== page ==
Decisions, decisions

Some decisions suck the blood sugar out of you (this is research by the way) and some come so easily that you suspect something’s wrong.

I’ve mostly always taken emotion-based decisions, which isn’t really a good idea, I know. I often regret it later, I often cry, I often go through difficult moments of doubt and self-blame — mostly because all the big decisions of my life have affected everyone around me as much as me.

But the decision I took three days ago — to choose between a full-time job in the same industry I was coming from, or a work-from-home position with lesser pay but greater flexibility to try out new things in my life — has been both crystal-clear and difficult. I’ve been vacillating between “It was the right decision” and “Was it?” for the past 72 hours.

I chose to stay home. I chose to spend time on my kids and my dashing new husband and our lovely new home and my own spiritual growth. I chose to take a risk with my life, knowing full well that my income will go down but my happiness quotient will go up. I chose freedom over security, God over people.

It sounds like an obvious choice for someone like me, but it’s been hard too. Hard not because of my own thoughts but because I had moments of worry about what others would think of me. Hard because I haven’t sat at home for years, there’s always been an agenda even on holidays. Hard because I am not yet the superwoman like all those work-from-home moms who juggle housework, kids’ work and office work efficiently, day after day. I’m still learning how to draw my boundaries at home.

I tend to drift. I tend to get involved in chats with the neighbours, buying vegetables from the roadside vendors, doing the laundry, fixing the cupboards. Then I remind myself of my dear friend R’s advice (she was one of my most efficient freelancers): “Housework will in itself not give you any lasting value; your work will. So be disciplined.” And I get back to my computer.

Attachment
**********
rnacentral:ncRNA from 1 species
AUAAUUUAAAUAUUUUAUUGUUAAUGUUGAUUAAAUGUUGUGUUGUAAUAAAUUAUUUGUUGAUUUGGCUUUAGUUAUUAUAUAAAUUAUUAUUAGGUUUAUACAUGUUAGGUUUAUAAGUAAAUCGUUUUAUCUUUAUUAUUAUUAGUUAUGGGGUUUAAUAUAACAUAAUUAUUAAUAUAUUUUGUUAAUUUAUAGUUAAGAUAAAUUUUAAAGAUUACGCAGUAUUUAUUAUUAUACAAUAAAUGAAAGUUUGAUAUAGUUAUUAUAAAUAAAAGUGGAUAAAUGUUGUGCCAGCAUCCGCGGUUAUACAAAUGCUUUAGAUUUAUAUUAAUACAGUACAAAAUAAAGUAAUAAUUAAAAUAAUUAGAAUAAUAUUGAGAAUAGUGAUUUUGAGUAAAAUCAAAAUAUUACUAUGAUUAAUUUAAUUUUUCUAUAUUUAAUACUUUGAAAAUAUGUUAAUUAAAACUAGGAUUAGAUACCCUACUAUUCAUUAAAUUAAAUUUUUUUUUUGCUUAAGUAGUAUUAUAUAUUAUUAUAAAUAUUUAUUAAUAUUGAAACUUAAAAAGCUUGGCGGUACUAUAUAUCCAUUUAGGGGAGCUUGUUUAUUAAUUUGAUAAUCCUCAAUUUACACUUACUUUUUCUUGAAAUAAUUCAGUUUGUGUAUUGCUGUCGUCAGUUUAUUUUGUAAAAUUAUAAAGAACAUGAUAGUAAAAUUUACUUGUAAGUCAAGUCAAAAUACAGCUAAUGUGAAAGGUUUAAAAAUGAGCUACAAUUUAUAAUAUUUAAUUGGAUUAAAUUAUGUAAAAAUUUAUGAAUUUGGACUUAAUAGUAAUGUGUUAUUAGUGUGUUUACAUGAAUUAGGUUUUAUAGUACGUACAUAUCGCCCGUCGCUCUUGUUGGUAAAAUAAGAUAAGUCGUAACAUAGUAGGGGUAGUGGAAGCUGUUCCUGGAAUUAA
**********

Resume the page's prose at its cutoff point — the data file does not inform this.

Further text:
The past few days have shown me strange new sides of myself. I saw myself being crabby at the end of the day when the husband came home. I saw myself hesitating to leave the house at all, it was too much of an effort. I saw myself compulsively reading blogs and watching videos online. I saw myself struggle with writing a new story. In short, I saw in myself remnants of a younger me. The fearful, insecure being I used to be. When, after 11 years of working, I found myself a homemaker again, the old psychological habits popped back up too.

Luckily, though, this time I’m different. I can sense God in all that I am going through; it is as if Life is testing me: Have those lessons been learnt? I can see myself from the outside, and check my behaviour before it leads me to trouble. I can reverse my self-conversations, and choose positive over negative self-speak. I can apologise to my loved ones, and request their patience while I go through all this re-adaptation of identity.

It was yet another big decision that I took with a bit of an emotional quotient, but I am able to control the damage this time around. And every day, as I get better and better at managing this, I am more and more excited about the possibilities. I can’t wait to see what I am going to do next.